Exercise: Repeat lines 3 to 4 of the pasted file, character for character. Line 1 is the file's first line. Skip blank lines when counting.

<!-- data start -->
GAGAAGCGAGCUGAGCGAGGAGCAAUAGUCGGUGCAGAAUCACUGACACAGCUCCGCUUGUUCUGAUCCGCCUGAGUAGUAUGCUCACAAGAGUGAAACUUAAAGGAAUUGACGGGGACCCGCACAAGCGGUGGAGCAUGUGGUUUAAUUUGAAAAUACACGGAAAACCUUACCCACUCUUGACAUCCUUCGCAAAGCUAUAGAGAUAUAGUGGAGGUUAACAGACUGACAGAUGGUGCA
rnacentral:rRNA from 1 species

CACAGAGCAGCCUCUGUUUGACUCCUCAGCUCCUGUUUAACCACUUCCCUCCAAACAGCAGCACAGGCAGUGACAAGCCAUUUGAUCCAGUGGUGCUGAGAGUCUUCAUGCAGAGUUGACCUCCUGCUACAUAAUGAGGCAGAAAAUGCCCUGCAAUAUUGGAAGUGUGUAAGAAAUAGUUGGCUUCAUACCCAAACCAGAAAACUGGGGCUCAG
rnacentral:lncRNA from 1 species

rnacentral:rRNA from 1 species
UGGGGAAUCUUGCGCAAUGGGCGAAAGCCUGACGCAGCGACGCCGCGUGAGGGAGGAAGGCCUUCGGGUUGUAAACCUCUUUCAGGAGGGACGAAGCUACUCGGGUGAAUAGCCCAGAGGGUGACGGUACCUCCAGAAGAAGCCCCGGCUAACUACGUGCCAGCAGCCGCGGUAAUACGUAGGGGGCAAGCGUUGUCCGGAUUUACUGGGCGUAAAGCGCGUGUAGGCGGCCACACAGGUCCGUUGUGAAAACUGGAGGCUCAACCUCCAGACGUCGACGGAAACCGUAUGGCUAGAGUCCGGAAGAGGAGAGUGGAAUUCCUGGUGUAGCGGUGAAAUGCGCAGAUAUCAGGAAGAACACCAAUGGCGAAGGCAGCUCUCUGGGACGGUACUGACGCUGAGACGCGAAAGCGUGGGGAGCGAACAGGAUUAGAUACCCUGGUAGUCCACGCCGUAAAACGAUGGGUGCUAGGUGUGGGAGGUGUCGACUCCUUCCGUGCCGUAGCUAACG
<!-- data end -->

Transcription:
CACAGAGCAGCCUCUGUUUGACUCCUCAGCUCCUGUUUAACCACUUCCCUCCAAACAGCAGCACAGGCAGUGACAAGCCAUUUGAUCCAGUGGUGCUGAGAGUCUUCAUGCAGAGUUGACCUCCUGCUACAUAAUGAGGCAGAAAAUGCCCUGCAAUAUUGGAAGUGUGUAAGAAAUAGUUGGCUUCAUACCCAAACCAGAAAACUGGGGCUCAG
rnacentral:lncRNA from 1 species